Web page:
Light and Water
Dappled sun or bright sunlight? frequent watering or just a sprinkle? Its often hard to judge how much will become too much for you babies who can never learn to speak. We have tried to figure out some ground rules for better thriving plants.
Weather you are parenting a couple of plants or have housed an exhaustive nursery , it is important to understand the individual requirement of each one of them. As a general feedback from most people, I have seen that people often avoid keeping more plants because they cannot keep up with the care part.
So how do we manage as busy working people who love to have a fleet of plant babies at home? While rearing our little army, we formulated some thumb rules to make this part easy.
Although we bring houseplants as a part of homestyling as well and there is a whole library of books talking on plant styling, but here in this section we will try to ease ourselves by grouping plants according to their requirements. We will share our personal experiences through which we could make things go like a piece of cake for you.
Firstly we will dig into the origin of houseplants. Most house plants have their origin in tropical or subtropical forests. The ability to survive inside the house stems from the habitat found in tropical regions. Often the floor of these dense green jungles is receives no sunlight or even if it does, it is filtered through the leaves. Most of the houseplants have their natural habitat in such forest floors. So, basically we are not training them to grow inside our homes, instead we are mimicking their natural habitat at our homes to keep them happy and thriving.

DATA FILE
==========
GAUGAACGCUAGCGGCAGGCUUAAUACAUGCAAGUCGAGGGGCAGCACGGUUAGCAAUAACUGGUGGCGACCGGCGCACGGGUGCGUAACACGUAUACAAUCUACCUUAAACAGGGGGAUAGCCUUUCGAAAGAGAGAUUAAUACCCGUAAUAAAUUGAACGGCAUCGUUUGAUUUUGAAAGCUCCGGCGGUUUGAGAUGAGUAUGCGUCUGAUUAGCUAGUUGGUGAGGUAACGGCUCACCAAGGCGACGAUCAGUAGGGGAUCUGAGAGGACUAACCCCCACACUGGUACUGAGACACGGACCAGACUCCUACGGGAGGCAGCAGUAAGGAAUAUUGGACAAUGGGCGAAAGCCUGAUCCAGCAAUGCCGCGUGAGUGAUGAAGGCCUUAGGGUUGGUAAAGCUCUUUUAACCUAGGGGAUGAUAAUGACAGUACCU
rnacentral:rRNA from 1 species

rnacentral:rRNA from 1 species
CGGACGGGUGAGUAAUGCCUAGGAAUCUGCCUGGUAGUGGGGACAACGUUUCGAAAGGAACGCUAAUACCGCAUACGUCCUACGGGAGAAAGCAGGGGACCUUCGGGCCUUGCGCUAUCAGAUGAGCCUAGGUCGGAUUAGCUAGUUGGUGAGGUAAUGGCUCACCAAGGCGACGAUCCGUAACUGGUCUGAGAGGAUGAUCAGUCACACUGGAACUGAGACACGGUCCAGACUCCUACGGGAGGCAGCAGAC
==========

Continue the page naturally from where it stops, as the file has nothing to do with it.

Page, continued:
So, all your favorites from the tropics like chinese evergreen, bromeliads, Philodendrons etc they all do great in filtered sun. Some of these like peace lily and a chinese evergreen are great for dark corridors because they essentially grow on the forest floor and are used to less or no sun.
The rule is to avoid too much". No houseplant can tolerate complete dark (a closed jet dark washroom) or direct sun. Houseplants easily get scalded under the sun. So, until unless the plant is used to direct sunlight, never place it under direct sun. Even succulents that can thrive harsh sun, grow chapped leaves under scorching sun and develop beefy juicy leaves under the sheers. So, conclusively, house plants are those selective species that do great inside a house. That means house plants in general, will do great under the sheers, but if you want to group some at a sunny spot or in dark corridors, go through the list we have jotted out.
We apply the same philosophy to water requirements as well. For instance, most palm species are found thriving near the banks of running streams in sandy soils. Such plants require moist, well drained soil. Too much of water can lead to root rot and too less can leave the plant thirsty. Houseplants in general, do not have high water requirements. You only need to make sure that the soil doesn't dry out. Most rotting problems rule out if the potting mix is well draining.